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Re: EOTL font file specification version 1

From: Mikko Rantalainen <mikko.rantalainen@peda.net>
Date: Fri, 07 Aug 2009 14:41:36 +0300
Message-ID: <4A7C12F0.3080806@peda.net>
To: www-font <www-font@w3.org>
Levantovsky, Vladimir wrote:
> I think we ought to consider the following:
> 
> 1) How would UA know whether the downloaded file is in fact EOTL? The
> file extension could be misleading, and the perfectly valid EOTL file
> could be named with different file extension. This is why I think
> that checking magic number would be necessary just to make sure that
> you can safely use first two 32-bit numbers to calculate the size and
> offset.

Any browser dealing with bytes coming from Internet should assume
intended malice. As such, checking for magic number would not make it
"safe" to use first two 32-bit numbers to calculate anything. Safety
measures should be implemented regardless of the given input. (e.g. it's
safe to check if the integers from two 32-bit numbers are within the
range of the given file and if there seems to be OpenType font data
within that range. It's not safe to blindly use those memory locations
if a magic number is correct.)

The user agent is expecting to find a valid OpenType font data at given
offset and as far as I know, OpenType files can already be identified.
There's no special need for identifying the wrapper format as is
(because it cannot wrap anything but OpenType font file as specified).

I did suggest keeping the magic number in my first post but I believe
that it is not necessary. As a result, I suggested an even simpler
specification.

I'm trying to suggest *an absolute minimum specification* that allows
*conforming* user agents to successfully load EOTL fonts. The fact that
the specification allows leaving additional bytes between the 8 byte
header and the font payload does not need to be explained in the formal
specification. It's not important to conforming user agent. It's only
meaningful for content authors trying to create a file that is a
conforming EOTL font file and a valid EOT classic font file in the same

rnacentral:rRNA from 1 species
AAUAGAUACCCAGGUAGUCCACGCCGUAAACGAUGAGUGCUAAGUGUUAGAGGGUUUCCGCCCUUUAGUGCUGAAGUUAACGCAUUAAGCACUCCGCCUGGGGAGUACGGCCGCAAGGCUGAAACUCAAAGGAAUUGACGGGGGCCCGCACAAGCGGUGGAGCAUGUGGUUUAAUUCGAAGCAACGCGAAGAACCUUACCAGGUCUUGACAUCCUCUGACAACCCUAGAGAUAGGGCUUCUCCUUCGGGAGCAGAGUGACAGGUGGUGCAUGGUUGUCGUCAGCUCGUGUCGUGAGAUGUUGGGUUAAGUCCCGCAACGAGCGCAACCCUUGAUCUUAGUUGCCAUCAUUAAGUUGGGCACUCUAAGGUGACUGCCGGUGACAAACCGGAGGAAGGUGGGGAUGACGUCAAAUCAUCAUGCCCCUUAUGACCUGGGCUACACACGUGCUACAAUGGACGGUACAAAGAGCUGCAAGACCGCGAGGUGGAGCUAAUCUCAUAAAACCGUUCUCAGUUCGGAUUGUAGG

time. I'm totally aware that this possibility is the whole reason to
ever use EOTL for anything but I'm arguing that if W3C is going to
specify something, it should specify minimum required for
interoperability - which is EOTL as I specified in my previous post
(http://lists.w3.org/Archives/Public/www-font/2009JulSep/1232.html)

There's no need for version numbers, feature flags or magic numbers
because the font data can be found using only the first 8 bytes from the
file. Checking for version numbers, feature flags or magic numbers
cannot guarantee that the font data can be loaded (e.g. it could be
corrupted by mistake or because of malice).

> 2) Yes, it is possible to assume that any payload of EOTL file is a
> TTF/OTF font, and hope that if the assumption is wrong the UA will
> take care of it. But the code that processes the EOTL is the part of
> UA itself, and it just makes sense that, as the first step of
> checking the font data validity, UA will check the flags that
> indicate whether a font was subjected to obfuscation and/or
> compression. If yes, UA would consider a font invalid without loading
> or even looking at actual font data.
> 
> If one agrees that these first two steps are useful and reasonable,
> then you need to know the location of the magic number and flags in
> the file header. Any data that is stored in between is treated as
> padding, which is put there only for backward compatibility purposes
> and to be ignored by EOTL implementations.

I'd would assume that the OS/font subsystem that is trying to load the
OpenType font already checks if the input file is indeed a valid
OpenType font. Any additional checks before that are wasted CPU time for
a valid font file. And hopefully the OS/font subsystem is sane enough to
immediately return if an error is found. So that is not an optimization
even for invalid fonts. (There can be additional optimizations but none
of those need to be codified by the specification.)

If some operating system does require additional checks before an
OpenType font file can be safely passed to it, then an user agent
running on that system must figure it out. However, such checking does
not to be specified in the web font format.

-- 
Mikko


Received on Friday, 7 August 2009 11:42:20 GMT

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